Deep passes weren’t the only thing affected by the wind, either; Bo Levi Mitchell’s shorter throws were also getting knocked down. SMU’s punts were even worse. The Mustangs won the coin toss and decided to take the ball to start the game; they probably should have chosen to defer. Navy made them drive into the wind, and after the Mustangs couldn’t get those drives going, their punts went nowhere and gave Navy fantastic field position for its first three drives. Navy took a 20-0 lead in the first quarter on touchdown drives that had an average starting position of the SMU 39 yard line. The game was over by the second quarter.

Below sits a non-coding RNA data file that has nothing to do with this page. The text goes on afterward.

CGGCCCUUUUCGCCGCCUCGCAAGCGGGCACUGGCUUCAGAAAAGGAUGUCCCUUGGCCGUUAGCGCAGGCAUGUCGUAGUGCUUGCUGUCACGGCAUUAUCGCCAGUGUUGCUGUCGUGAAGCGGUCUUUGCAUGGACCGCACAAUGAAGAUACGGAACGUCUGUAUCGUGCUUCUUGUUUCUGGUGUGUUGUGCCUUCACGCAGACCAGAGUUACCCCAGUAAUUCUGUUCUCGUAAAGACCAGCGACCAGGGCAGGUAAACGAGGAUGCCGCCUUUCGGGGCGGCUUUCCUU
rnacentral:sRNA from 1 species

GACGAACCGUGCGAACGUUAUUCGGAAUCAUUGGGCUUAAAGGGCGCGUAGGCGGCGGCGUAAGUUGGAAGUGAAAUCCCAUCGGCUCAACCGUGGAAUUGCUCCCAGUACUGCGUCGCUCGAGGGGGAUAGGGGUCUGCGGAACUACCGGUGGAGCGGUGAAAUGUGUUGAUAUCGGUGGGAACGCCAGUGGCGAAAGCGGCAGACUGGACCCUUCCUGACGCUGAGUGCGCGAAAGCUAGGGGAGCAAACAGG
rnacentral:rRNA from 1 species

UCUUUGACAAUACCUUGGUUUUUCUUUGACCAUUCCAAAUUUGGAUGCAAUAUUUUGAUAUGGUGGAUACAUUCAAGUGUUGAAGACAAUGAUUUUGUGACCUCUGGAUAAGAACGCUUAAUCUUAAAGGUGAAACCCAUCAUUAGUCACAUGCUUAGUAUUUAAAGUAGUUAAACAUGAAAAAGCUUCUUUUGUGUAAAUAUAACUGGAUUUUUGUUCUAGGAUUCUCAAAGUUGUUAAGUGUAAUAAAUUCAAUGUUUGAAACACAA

While the wind was Navy’s MVP, it was still a team effort. It isn’t as if teams haven’t been able to nickel and dime themselves down the field against the Mids in the past. Buddy Green decided to rely on a 3-man rush for most of the game, dropping 8 into coverage. This hasn’t worked too well for Navy in the past, as opposing quarterbacks had all day to find an open receiver. That wasn’t the case on Saturday. Nate Frazier, Jabaree Tuani, and Matt Nechak controlled the line of scrimmage. They didn’t get immediate pressure on Mitchell, but they closed the pocket quickly enough that the freshman quarterback wasn’t able to camp out and wait for someone to get open. To me the most impressive part of the line’s performance was their ability to make plays all over the field. Nechak had the hit of the game, running outside to plant the wide receiver on a screen play. Nate Frazier got his sack by chasing down Mitchell from behind. Tuani might have had the most impressive play, coming in on a pass rush, then turning around and making a tackle on the wide receiver downfield and stopping him on third down. It was a good performance from a group that needed to rebound after the Pitt game.